Animal Models of Inflammatory Disease Provides Pathogenic Insight
Inflammatory bowel diseases (IBD) are autoimmune conditions in which the immune system attacks regions of the digestive system. Crohn’s disease (CD) and ulcerative colitis (UC) are the two most common forms of IBD, differing in nature and location of inflammation within the digestive system. Although there are notable differences between CD and UC – which can both be further subphenotyped within their own specific conditions – they do appear to share some common genetic factors, based on the incidence of both diseases within the same ethnic groups. Although there are clearly contributing environmental factors in both CD and UC that add to the complexity of studying the many etiological factors, animal models of inflammatory disease have been an important source of insight into intestinal microbiota in IBD and immunologic dysregulation factors.
Mouse models of colitis have demonstrated the importance of mucosal homeostasis within the intestinal lining, as the disruption in mucosal function leads to spontaneous colitis. Immune regulation within the intestinal walls relies on mucosal homeostasis. Cells that comprise the mucosal membrane lining the intestines – which is comprised of the epithelium and lamina propria – include goblet and paneth cells. Along with secretory immunoglobulin A, these cells secrete mucus and anti-microbial peptides that support the barrier’s immunological function. Th1 and Th17 cells, which drive inflammation, are triggered and regulated by cytokines IL-23, TNF-a, and TGF-b, or suppressive TGF-b and IL-10 cytokines. Activation or ablation of certain factors – including transcription factor NF-KB – have been shown to improve or hinder resistance to disease.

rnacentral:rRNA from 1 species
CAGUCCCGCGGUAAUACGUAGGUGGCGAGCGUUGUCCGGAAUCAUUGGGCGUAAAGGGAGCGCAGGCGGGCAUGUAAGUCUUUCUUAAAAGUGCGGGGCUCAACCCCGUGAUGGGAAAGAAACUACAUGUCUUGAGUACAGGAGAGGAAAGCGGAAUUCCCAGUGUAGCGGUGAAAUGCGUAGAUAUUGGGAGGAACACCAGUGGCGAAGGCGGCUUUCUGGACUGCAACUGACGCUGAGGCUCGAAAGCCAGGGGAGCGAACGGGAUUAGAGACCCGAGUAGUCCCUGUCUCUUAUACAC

Identifying the factors underlying immunologic dysregulation that contribute to IBD symptoms in animal models helps researchers identify responsible genes and causative mutations within those genes. In addition to in-depth mouse model analyses, genome-wide association studies among IBD patients has been underway in the last several years, to help identify a growing number of CD genes. Progressive findings on all fronts help bolster investigations all around and improve animal models of inflammatory disease so that they are further modeled based on human genetics.
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Categories: Inflammatory diseases